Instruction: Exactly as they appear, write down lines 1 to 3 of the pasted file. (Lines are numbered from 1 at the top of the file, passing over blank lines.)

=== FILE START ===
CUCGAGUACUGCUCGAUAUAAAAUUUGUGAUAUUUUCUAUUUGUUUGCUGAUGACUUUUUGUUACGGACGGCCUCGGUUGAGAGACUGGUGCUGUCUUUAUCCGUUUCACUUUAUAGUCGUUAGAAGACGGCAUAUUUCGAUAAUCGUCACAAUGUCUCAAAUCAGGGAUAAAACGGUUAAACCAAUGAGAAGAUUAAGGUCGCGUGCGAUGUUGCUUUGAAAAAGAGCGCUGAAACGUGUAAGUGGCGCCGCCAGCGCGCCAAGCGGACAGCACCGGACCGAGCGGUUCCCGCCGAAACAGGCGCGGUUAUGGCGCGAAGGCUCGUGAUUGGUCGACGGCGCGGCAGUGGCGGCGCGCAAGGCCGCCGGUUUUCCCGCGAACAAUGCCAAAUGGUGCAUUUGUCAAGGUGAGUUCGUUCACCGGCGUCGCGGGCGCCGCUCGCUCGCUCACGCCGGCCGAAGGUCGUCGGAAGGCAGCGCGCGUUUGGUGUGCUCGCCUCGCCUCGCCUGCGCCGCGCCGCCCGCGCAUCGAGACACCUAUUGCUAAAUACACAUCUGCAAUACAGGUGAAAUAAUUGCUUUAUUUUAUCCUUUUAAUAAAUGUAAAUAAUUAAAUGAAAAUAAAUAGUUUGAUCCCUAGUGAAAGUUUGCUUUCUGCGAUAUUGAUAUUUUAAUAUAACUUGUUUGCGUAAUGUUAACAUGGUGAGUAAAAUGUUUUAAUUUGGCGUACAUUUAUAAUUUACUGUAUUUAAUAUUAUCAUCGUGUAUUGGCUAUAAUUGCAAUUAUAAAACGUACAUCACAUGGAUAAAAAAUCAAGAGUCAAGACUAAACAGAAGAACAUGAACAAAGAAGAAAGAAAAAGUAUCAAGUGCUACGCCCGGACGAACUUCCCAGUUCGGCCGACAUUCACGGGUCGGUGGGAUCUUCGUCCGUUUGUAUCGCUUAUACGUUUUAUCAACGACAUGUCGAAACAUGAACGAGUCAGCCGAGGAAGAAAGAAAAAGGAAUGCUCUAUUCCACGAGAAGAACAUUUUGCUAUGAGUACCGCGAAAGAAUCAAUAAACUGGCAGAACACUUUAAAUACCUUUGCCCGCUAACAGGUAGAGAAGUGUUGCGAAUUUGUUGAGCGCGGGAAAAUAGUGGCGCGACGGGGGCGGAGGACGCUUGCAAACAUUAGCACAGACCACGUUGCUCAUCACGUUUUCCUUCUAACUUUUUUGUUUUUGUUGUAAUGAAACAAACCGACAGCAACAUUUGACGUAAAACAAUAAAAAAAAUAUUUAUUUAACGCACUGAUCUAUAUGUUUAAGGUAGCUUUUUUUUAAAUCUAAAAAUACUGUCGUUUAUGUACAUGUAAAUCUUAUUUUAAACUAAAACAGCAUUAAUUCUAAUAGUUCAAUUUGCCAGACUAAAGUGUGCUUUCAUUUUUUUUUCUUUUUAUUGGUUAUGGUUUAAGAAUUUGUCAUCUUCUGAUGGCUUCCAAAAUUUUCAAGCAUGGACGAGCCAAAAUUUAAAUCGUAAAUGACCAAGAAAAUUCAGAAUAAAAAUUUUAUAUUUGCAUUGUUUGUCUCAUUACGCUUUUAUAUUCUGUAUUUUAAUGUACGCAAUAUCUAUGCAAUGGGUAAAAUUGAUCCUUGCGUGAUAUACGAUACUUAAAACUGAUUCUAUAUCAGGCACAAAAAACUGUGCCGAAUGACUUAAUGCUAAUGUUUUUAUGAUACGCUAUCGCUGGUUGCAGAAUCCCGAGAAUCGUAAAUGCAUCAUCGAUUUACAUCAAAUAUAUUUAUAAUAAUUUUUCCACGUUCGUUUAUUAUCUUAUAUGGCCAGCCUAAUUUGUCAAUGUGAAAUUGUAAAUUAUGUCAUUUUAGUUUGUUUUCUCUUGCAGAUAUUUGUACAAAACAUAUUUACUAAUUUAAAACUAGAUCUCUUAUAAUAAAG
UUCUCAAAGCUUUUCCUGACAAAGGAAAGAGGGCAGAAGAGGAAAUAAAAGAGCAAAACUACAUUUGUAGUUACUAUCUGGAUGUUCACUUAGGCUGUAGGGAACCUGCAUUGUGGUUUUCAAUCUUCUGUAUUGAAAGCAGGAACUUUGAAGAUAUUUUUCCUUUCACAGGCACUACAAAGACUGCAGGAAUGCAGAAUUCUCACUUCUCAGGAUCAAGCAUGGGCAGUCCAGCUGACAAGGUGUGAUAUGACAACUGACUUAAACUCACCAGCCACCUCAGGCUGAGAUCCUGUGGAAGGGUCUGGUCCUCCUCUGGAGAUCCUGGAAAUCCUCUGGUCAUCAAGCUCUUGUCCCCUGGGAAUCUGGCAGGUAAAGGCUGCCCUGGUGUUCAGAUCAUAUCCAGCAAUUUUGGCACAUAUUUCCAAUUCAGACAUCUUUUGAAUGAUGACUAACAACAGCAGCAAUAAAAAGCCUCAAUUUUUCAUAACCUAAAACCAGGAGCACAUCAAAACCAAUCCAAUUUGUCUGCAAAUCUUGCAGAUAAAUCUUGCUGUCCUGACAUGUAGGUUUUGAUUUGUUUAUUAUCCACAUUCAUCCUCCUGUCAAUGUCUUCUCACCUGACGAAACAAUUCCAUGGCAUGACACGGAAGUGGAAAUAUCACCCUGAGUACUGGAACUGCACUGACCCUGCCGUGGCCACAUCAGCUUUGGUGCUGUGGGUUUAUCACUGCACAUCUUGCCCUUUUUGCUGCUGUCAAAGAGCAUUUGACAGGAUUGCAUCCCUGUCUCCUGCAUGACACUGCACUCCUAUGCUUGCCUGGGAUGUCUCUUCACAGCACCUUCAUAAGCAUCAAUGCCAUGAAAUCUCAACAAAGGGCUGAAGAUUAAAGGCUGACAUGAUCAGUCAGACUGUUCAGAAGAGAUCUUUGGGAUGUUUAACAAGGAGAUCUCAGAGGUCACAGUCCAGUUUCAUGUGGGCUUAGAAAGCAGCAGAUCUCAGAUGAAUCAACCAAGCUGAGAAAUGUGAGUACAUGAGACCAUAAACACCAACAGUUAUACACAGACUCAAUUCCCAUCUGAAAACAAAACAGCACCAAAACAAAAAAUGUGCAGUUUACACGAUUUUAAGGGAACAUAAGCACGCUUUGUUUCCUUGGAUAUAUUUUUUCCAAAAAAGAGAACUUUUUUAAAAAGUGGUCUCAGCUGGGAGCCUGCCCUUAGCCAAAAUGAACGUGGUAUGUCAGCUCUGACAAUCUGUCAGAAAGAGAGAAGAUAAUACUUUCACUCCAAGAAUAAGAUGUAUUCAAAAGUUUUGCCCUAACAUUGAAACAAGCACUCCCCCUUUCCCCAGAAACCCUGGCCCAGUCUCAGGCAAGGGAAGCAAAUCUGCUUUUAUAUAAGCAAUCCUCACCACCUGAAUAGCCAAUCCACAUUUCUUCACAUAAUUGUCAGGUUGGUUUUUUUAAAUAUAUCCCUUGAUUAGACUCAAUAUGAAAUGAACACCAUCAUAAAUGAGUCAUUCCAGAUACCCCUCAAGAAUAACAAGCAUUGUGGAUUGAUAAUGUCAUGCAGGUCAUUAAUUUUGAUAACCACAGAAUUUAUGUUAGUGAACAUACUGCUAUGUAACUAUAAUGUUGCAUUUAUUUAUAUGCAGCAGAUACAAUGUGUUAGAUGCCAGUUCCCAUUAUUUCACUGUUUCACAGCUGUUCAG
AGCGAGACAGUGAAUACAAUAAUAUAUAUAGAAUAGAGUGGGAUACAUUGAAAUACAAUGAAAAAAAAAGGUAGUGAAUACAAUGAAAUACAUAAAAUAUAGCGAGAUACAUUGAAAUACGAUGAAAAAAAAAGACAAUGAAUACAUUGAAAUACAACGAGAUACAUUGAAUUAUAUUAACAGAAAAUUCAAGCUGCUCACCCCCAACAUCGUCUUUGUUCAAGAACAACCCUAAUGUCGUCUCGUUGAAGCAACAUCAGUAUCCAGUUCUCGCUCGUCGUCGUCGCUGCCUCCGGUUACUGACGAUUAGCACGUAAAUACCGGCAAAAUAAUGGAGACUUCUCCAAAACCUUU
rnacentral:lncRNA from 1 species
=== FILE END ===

CUCGAGUACUGCUCGAUAUAAAAUUUGUGAUAUUUUCUAUUUGUUUGCUGAUGACUUUUUGUUACGGACGGCCUCGGUUGAGAGACUGGUGCUGUCUUUAUCCGUUUCACUUUAUAGUCGUUAGAAGACGGCAUAUUUCGAUAAUCGUCACAAUGUCUCAAAUCAGGGAUAAAACGGUUAAACCAAUGAGAAGAUUAAGGUCGCGUGCGAUGUUGCUUUGAAAAAGAGCGCUGAAACGUGUAAGUGGCGCCGCCAGCGCGCCAAGCGGACAGCACCGGACCGAGCGGUUCCCGCCGAAACAGGCGCGGUUAUGGCGCGAAGGCUCGUGAUUGGUCGACGGCGCGGCAGUGGCGGCGCGCAAGGCCGCCGGUUUUCCCGCGAACAAUGCCAAAUGGUGCAUUUGUCAAGGUGAGUUCGUUCACCGGCGUCGCGGGCGCCGCUCGCUCGCUCACGCCGGCCGAAGGUCGUCGGAAGGCAGCGCGCGUUUGGUGUGCUCGCCUCGCCUCGCCUGCGCCGCGCCGCCCGCGCAUCGAGACACCUAUUGCUAAAUACACAUCUGCAAUACAGGUGAAAUAAUUGCUUUAUUUUAUCCUUUUAAUAAAUGUAAAUAAUUAAAUGAAAAUAAAUAGUUUGAUCCCUAGUGAAAGUUUGCUUUCUGCGAUAUUGAUAUUUUAAUAUAACUUGUUUGCGUAAUGUUAACAUGGUGAGUAAAAUGUUUUAAUUUGGCGUACAUUUAUAAUUUACUGUAUUUAAUAUUAUCAUCGUGUAUUGGCUAUAAUUGCAAUUAUAAAACGUACAUCACAUGGAUAAAAAAUCAAGAGUCAAGACUAAACAGAAGAACAUGAACAAAGAAGAAAGAAAAAGUAUCAAGUGCUACGCCCGGACGAACUUCCCAGUUCGGCCGACAUUCACGGGUCGGUGGGAUCUUCGUCCGUUUGUAUCGCUUAUACGUUUUAUCAACGACAUGUCGAAACAUGAACGAGUCAGCCGAGGAAGAAAGAAAAAGGAAUGCUCUAUUCCACGAGAAGAACAUUUUGCUAUGAGUACCGCGAAAGAAUCAAUAAACUGGCAGAACACUUUAAAUACCUUUGCCCGCUAACAGGUAGAGAAGUGUUGCGAAUUUGUUGAGCGCGGGAAAAUAGUGGCGCGACGGGGGCGGAGGACGCUUGCAAACAUUAGCACAGACCACGUUGCUCAUCACGUUUUCCUUCUAACUUUUUUGUUUUUGUUGUAAUGAAACAAACCGACAGCAACAUUUGACGUAAAACAAUAAAAAAAAUAUUUAUUUAACGCACUGAUCUAUAUGUUUAAGGUAGCUUUUUUUUAAAUCUAAAAAUACUGUCGUUUAUGUACAUGUAAAUCUUAUUUUAAACUAAAACAGCAUUAAUUCUAAUAGUUCAAUUUGCCAGACUAAAGUGUGCUUUCAUUUUUUUUUCUUUUUAUUGGUUAUGGUUUAAGAAUUUGUCAUCUUCUGAUGGCUUCCAAAAUUUUCAAGCAUGGACGAGCCAAAAUUUAAAUCGUAAAUGACCAAGAAAAUUCAGAAUAAAAAUUUUAUAUUUGCAUUGUUUGUCUCAUUACGCUUUUAUAUUCUGUAUUUUAAUGUACGCAAUAUCUAUGCAAUGGGUAAAAUUGAUCCUUGCGUGAUAUACGAUACUUAAAACUGAUUCUAUAUCAGGCACAAAAAACUGUGCCGAAUGACUUAAUGCUAAUGUUUUUAUGAUACGCUAUCGCUGGUUGCAGAAUCCCGAGAAUCGUAAAUGCAUCAUCGAUUUACAUCAAAUAUAUUUAUAAUAAUUUUUCCACGUUCGUUUAUUAUCUUAUAUGGCCAGCCUAAUUUGUCAAUGUGAAAUUGUAAAUUAUGUCAUUUUAGUUUGUUUUCUCUUGCAGAUAUUUGUACAAAACAUAUUUACUAAUUUAAAACUAGAUCUCUUAUAAUAAAG
UUCUCAAAGCUUUUCCUGACAAAGGAAAGAGGGCAGAAGAGGAAAUAAAAGAGCAAAACUACAUUUGUAGUUACUAUCUGGAUGUUCACUUAGGCUGUAGGGAACCUGCAUUGUGGUUUUCAAUCUUCUGUAUUGAAAGCAGGAACUUUGAAGAUAUUUUUCCUUUCACAGGCACUACAAAGACUGCAGGAAUGCAGAAUUCUCACUUCUCAGGAUCAAGCAUGGGCAGUCCAGCUGACAAGGUGUGAUAUGACAACUGACUUAAACUCACCAGCCACCUCAGGCUGAGAUCCUGUGGAAGGGUCUGGUCCUCCUCUGGAGAUCCUGGAAAUCCUCUGGUCAUCAAGCUCUUGUCCCCUGGGAAUCUGGCAGGUAAAGGCUGCCCUGGUGUUCAGAUCAUAUCCAGCAAUUUUGGCACAUAUUUCCAAUUCAGACAUCUUUUGAAUGAUGACUAACAACAGCAGCAAUAAAAAGCCUCAAUUUUUCAUAACCUAAAACCAGGAGCACAUCAAAACCAAUCCAAUUUGUCUGCAAAUCUUGCAGAUAAAUCUUGCUGUCCUGACAUGUAGGUUUUGAUUUGUUUAUUAUCCACAUUCAUCCUCCUGUCAAUGUCUUCUCACCUGACGAAACAAUUCCAUGGCAUGACACGGAAGUGGAAAUAUCACCCUGAGUACUGGAACUGCACUGACCCUGCCGUGGCCACAUCAGCUUUGGUGCUGUGGGUUUAUCACUGCACAUCUUGCCCUUUUUGCUGCUGUCAAAGAGCAUUUGACAGGAUUGCAUCCCUGUCUCCUGCAUGACACUGCACUCCUAUGCUUGCCUGGGAUGUCUCUUCACAGCACCUUCAUAAGCAUCAAUGCCAUGAAAUCUCAACAAAGGGCUGAAGAUUAAAGGCUGACAUGAUCAGUCAGACUGUUCAGAAGAGAUCUUUGGGAUGUUUAACAAGGAGAUCUCAGAGGUCACAGUCCAGUUUCAUGUGGGCUUAGAAAGCAGCAGAUCUCAGAUGAAUCAACCAAGCUGAGAAAUGUGAGUACAUGAGACCAUAAACACCAACAGUUAUACACAGACUCAAUUCCCAUCUGAAAACAAAACAGCACCAAAACAAAAAAUGUGCAGUUUACACGAUUUUAAGGGAACAUAAGCACGCUUUGUUUCCUUGGAUAUAUUUUUUCCAAAAAAGAGAACUUUUUUAAAAAGUGGUCUCAGCUGGGAGCCUGCCCUUAGCCAAAAUGAACGUGGUAUGUCAGCUCUGACAAUCUGUCAGAAAGAGAGAAGAUAAUACUUUCACUCCAAGAAUAAGAUGUAUUCAAAAGUUUUGCCCUAACAUUGAAACAAGCACUCCCCCUUUCCCCAGAAACCCUGGCCCAGUCUCAGGCAAGGGAAGCAAAUCUGCUUUUAUAUAAGCAAUCCUCACCACCUGAAUAGCCAAUCCACAUUUCUUCACAUAAUUGUCAGGUUGGUUUUUUUAAAUAUAUCCCUUGAUUAGACUCAAUAUGAAAUGAACACCAUCAUAAAUGAGUCAUUCCAGAUACCCCUCAAGAAUAACAAGCAUUGUGGAUUGAUAAUGUCAUGCAGGUCAUUAAUUUUGAUAACCACAGAAUUUAUGUUAGUGAACAUACUGCUAUGUAACUAUAAUGUUGCAUUUAUUUAUAUGCAGCAGAUACAAUGUGUUAGAUGCCAGUUCCCAUUAUUUCACUGUUUCACAGCUGUUCAG
AGCGAGACAGUGAAUACAAUAAUAUAUAUAGAAUAGAGUGGGAUACAUUGAAAUACAAUGAAAAAAAAAGGUAGUGAAUACAAUGAAAUACAUAAAAUAUAGCGAGAUACAUUGAAAUACGAUGAAAAAAAAAGACAAUGAAUACAUUGAAAUACAACGAGAUACAUUGAAUUAUAUUAACAGAAAAUUCAAGCUGCUCACCCCCAACAUCGUCUUUGUUCAAGAACAACCCUAAUGUCGUCUCGUUGAAGCAACAUCAGUAUCCAGUUCUCGCUCGUCGUCGUCGCUGCCUCCGGUUACUGACGAUUAGCACGUAAAUACCGGCAAAAUAAUGGAGACUUCUCCAAAACCUUU